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Logo Challenge, Day 6: Alanna Morris-Van Tassel

As you'll hear all about, Day 6 was a big contrast with Day 5's logo. Only one more to go.
 
Catch up here if you're new to the #logochallenge:

Meet the Client

Name: Alanna Morris-Van Tassel
Work: I am a contemporary dancer, teaching artist and choreographer whose work utilizes a multitude of classical European, American and African movement styles and philosophy.  My creative work often engages in social justice issues with a focus on honoring our shared humanity.  As an educator I enjoy exploring the art and history of the African Diaspora, along with a multitude of other perspectives.
Previous logo: None
Where do you want to use the logo: My current project is an evening of art and community dialogue exploring peace between religions, chiefly the great monotheistic faiths: Islam, Christianity and Judaism.  I would like a logo describing the confluence of these great entities in an evening called, "Arabah: a prayer for peace."  The logo will be used in print items, on a website for the project, on merchandise, and digitally.  Arabah translates to dry, desolate place in Hebrew, and is the rift valley between the Red Sea and the Dead Sea, bordering Jordan and Israel.  It is located in a hotbed of political conflict and violence.  
 
Arabah: a prayer for peace is a collaborative evening of original dance, music, visual and spoken art, and community dialogue that seeks to challenge and engage our community to inspire social change around peace amongst religions. The evening features the self-titled collaboration of solo dance and live music between curators and creators, Alanna Morris-Van Tassel (dancer and choreographer) and Brian Van Tassel (percussionist and composer).  Initially a response to the Gulf War and to the deep-seated ethno-religious conflicts that continue to our day within the world's three great religions, this project seeks to stimulate thought and conversation about humanity's inter-connectedness; honor the forgotten among us; challenge our view of the "Other" and build community with our neighbors across ethnic and religious lines.
 
Premieres this Fall in The Twin Cities.
Partnering with The Minnesota Council Of Churches and The Islamic Center of Minnesota.
Also featuring work by: John Nolter and  Hend-Al Mansour.
 
It must be red, white, black and gold.
What three words do you want associated with the project? Design/people/peace
What three words do you NOT want associated with the project? Cheap/corporate/ignorant
 

The Project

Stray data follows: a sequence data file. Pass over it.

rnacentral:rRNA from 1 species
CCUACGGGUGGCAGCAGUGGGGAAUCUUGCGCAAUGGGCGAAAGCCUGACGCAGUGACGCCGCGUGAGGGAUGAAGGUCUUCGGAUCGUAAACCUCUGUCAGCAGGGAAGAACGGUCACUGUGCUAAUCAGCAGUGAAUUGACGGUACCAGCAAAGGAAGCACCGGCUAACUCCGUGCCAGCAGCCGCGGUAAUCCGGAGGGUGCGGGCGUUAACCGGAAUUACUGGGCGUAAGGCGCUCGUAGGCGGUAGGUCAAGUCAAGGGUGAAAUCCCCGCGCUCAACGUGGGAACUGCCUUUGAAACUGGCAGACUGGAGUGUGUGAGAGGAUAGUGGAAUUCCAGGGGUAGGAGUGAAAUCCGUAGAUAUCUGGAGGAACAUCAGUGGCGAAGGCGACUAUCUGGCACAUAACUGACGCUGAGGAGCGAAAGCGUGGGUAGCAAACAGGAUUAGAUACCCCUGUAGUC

There's a lot going on here: three major world religions, peace, conflict, humanity, history, future, and more.  Which is great and necessary; it's an art event about a really complex situation.  But I just started where I started with the others: Research. I looked up logos for events around religious tolerance. I researched peace symbols in Christianity, Judaism, and Islams. I didn't want to use any of the most common images of peace: Doves, olive branches, or the peace sign.  Mostly because I'm contrary.
 
I noticed the word confluence in Alanna's description.  It's a powerful word and put me in mind of great rivers converging.  You can see a number of images based on this on the Pinterest board. The rivers coming together bring to mind the comminging and connectedness of humanity, but rivers are also often used as borders.  
 
I sketched a number of logos involving rivers converging (including one that looked basically like a water-y version of the peace sign). I played with the idea of three religions and the appearance of three letter As in the word Arabah. I added a circle, because circles are so symbolic of inclusion, completion, cycles, unity and Earth. 
 
After a number of drafts, I realized the color palette provided by Alanna meant the swirls really didn't read as water.  So, rather than pushing towards that interpretation, I began to see them as smoke swirling upward.  Smoke evokes many things, from religious ceremony to war and destruction--an apt image for this event.  One color for each religion, intertwining and blending as they rise:
My usual typefaces (slab serifs forever!) weren't going to work. This show's theme is ancient. It's deeply rooted. It's distressed. It cannot be mistaken for yet-another-corporate-logo. It is not somebody's elegantly scripted note. It must be from a human hand. So I looked around and found a few options; I like that this typeface is handmade but not casual or silly. The black circle is slightly imperfect for the same reason.
 
p.s. Tomorrow's the last day of the logo challenge! If you want to talk about a logo for your upcoming performance, your bodywork business, your book series, or whatever, drop me a line

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